Robert Esposito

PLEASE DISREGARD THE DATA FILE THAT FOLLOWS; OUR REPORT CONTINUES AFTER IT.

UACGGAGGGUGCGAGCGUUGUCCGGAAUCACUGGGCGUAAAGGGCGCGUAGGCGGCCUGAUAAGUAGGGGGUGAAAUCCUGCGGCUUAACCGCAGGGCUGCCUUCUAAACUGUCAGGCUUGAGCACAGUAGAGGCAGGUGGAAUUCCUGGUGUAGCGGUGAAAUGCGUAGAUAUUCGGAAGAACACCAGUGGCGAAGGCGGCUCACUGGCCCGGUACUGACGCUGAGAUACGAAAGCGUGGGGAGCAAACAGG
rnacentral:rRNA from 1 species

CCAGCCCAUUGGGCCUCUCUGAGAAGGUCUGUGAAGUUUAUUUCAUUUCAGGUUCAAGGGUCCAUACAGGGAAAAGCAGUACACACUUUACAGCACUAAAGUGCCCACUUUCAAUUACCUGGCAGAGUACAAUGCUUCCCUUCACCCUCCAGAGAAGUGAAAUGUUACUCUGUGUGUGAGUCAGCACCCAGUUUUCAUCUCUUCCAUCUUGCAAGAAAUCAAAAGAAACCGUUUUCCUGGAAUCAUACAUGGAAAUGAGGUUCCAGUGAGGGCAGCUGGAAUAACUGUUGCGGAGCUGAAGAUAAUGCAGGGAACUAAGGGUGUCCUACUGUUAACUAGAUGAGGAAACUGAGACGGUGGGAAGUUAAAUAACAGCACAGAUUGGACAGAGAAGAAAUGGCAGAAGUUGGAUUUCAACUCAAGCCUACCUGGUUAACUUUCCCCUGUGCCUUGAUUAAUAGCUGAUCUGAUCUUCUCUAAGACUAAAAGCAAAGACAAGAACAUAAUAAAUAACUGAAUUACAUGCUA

Program FR–SRFreshmen - Senior 16 16 Day S 14Spring How can dance serve as a central metaphor for the holistic organization and transformation of personal life experience into aesthetic objects expressing the dynamic connectivity of self, world, and others? Using an expressive arts therapy model, movement study will be integrated with work in writing, drawing, and music in this multidimensional modern dance program exploring an integrative approach to choreography. It will involve disciplined physical and intellectual study, including weekly dance composition homework assignments.Studio activities will include progressive study in Nikolais/Louis dance technique, theory/improvisation, composition, and performance.  Readings, self-inventories, and seminars in the philosophy and psychology of the creative process, designed to broaden and enhance the student’s palette of creative choice, will explore factors such as self-image, linguistics, cultural and educational conditioning, and multiple learning styles. In solo and group collaboration, students will workshop formal craft elements of composition, such as shape, space, time, and motion. Workshops will use various media to draw and integrate content from students’ life experiences and/or past interdisciplinary study in order to create original multimedia work. Compositions will be shared in weekly performance forums that include faculty and student-centered critique and analysis.Texts will be used to explore the development of dance and movement therapy, draw distinctions between art and psychology, and explore the creative and therapeutic effects of the expressive arts. Seminar discussions will emphasize critical analysis in order to situate texts, art, film, and student work in historical and sociocultural contexts. Writing assignments will balance creative, analytical, and research styles, with a comparative overview of linguistic and communications theory. The program culminates with a Week 10 studio recital of selected student work. Robert Esposito Mon Tue Wed Thu Freshmen FR Sophomore SO Junior JR Senior SR Spring Spring